This is a fascinating combination of the old and the new. It is a historical novel that roams around the Americas and England in the nineteenth century - sure we have a lot of excellent novels that do that. This novel's narrator is a man enslaved in Barbados who becomes an assistant to a white balloonist. Race relations then are of course a factor in the events and characterization in the novel. They are never preached about or singled out. They do not have to be - they are a part of the cards culture and society deal to the characters in the novel. This is Esi Edugyan's second novel. her first about jazz, Nazi Germany, and other things, I have just started. In "Washington Black", she weaves fascinating description that has just enough details to keep the reader involved and wanting to read ahead. Profound emotions we all experience, are described precisely: "I understood, in that terrible moment, the terrible bottomless nature of the open world, when one belongs nowhere, and to no one." Wash's drive to re-unite with his white mentor reaches a conclusion that seems inevitable, but leaves the reader with questions as well as some answers.

Mar 15, 2019

NYT 10 Best 2018

Mar 13, 2019

A wonderful novel. My first by this author, but it reminded me of Lawrence Hill's The Book of Negroes.

Mar 04, 2019


ArapahoeAnnaL Feb 19, 2019

One of the New York Times' 10 best of 2018, this stunning historical novel is fabulous from the point of view of the writing (gorgeously descriptive), the characters (poignant), and plot (journey of a boy from brutal slavery to freedom, love, intellectual adventure).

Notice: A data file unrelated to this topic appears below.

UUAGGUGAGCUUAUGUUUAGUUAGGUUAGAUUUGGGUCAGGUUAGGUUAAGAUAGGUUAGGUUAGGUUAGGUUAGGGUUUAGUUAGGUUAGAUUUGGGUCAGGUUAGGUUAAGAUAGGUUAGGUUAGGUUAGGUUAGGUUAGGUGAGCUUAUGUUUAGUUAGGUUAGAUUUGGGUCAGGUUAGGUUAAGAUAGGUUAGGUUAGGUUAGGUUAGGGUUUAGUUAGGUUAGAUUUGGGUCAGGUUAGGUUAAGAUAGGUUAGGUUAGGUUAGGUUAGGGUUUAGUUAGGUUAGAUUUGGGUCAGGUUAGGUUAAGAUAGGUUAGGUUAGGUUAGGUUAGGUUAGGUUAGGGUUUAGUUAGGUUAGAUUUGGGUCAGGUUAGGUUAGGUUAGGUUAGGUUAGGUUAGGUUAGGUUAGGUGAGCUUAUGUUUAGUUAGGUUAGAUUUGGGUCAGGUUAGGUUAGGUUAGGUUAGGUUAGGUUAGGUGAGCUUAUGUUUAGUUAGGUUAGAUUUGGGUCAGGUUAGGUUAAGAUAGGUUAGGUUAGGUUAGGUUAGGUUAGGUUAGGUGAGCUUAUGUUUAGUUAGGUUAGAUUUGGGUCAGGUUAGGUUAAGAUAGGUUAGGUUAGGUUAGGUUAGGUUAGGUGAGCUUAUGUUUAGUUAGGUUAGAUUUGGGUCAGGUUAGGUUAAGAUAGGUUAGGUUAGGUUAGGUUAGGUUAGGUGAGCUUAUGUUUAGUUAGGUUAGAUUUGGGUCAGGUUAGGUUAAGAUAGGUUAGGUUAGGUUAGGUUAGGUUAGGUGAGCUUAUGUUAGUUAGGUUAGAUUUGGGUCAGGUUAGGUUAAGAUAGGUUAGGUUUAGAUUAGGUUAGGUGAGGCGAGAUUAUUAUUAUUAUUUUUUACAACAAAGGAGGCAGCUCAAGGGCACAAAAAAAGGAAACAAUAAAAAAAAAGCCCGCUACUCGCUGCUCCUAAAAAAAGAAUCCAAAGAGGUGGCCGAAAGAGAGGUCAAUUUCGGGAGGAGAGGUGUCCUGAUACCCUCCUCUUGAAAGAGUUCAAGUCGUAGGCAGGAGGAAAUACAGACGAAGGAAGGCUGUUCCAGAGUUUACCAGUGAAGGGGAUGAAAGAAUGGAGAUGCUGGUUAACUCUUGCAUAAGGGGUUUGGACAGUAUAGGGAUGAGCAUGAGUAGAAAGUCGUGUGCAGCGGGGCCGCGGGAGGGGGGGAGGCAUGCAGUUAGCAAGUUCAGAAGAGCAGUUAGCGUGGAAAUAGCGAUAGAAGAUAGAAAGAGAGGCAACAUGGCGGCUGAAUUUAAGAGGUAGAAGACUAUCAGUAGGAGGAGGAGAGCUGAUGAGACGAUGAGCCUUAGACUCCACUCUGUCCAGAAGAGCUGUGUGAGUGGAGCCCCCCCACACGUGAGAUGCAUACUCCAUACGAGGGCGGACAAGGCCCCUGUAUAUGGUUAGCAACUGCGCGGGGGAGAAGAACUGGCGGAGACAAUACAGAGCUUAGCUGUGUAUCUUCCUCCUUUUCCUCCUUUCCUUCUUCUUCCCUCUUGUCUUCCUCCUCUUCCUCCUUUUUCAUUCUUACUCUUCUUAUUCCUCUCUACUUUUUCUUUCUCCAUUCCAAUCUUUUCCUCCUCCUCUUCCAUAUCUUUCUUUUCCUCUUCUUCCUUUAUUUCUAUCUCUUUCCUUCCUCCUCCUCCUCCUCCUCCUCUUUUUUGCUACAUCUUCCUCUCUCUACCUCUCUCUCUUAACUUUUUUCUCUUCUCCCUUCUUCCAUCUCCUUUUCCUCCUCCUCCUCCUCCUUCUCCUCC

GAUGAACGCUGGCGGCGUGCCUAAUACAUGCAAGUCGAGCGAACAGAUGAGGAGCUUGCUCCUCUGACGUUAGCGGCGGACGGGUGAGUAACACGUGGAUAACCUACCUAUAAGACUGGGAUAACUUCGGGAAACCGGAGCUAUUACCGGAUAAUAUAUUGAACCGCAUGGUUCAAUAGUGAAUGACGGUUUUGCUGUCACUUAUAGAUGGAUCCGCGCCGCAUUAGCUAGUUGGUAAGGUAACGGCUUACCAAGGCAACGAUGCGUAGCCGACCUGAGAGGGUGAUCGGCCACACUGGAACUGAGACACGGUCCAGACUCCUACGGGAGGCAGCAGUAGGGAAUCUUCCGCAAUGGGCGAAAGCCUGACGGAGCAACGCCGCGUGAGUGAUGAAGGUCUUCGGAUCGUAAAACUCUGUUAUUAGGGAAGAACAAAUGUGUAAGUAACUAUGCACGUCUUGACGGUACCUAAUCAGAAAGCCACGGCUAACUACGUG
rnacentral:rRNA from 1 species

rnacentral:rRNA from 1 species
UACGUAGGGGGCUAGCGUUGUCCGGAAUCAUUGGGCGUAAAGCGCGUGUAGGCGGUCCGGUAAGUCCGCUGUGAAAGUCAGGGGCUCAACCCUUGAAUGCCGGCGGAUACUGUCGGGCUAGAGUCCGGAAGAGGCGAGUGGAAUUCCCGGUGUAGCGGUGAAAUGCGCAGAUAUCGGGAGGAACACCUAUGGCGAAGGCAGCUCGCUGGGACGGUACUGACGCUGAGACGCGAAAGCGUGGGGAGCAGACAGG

Feb 06, 2019

This title begs for a sequel. What happened to the little guy who expected nothing but ended up living and learning big?
Anymore family legacy attached ?

Jan 24, 2019

why enslavement, why freedom, why abandonment, why love - why me?
one of the best novels about enslavement that I have read
I also recommend The Polished Hoe by Austin Clark
The Invention of Wings by Sue Monk Kidd
The Book of Negroes by Lawrence Hill

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Apr 06, 2019

Too brutal, too disturbing - not bedtime reading.

Sep 12, 2018

Born into slavery on Faith Plantation in Bardbados, George Washington Black has never known any other life. When his master dies, the slaves expect the estate to be broken up and sold off, but instead two brother arrive, nephews of the old owner. Erasmus Wilde proves to be a cruel man who drives his slaves harder than the old owner ever did. But his brother, Christopher “Titch” Wilde, is a man of science, and while the other slaves on Faith are doomed to a harder lot, Wash is selected to help Titch with his experiments, and his seemingly impossible dream to launch an airship called the Cloud Cutter. However, being selected as Titch’s assistant will come at a price Wash could never have expected, and their strange, uneven relationship will change the course of Wash’s life forever, for better and for worse.


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Sep 12, 2018

I carried that nail like a shard of darkness in my fist. I carried it like a secret, like a crack through which some impossible future might be glimpsed. I carried it like a key.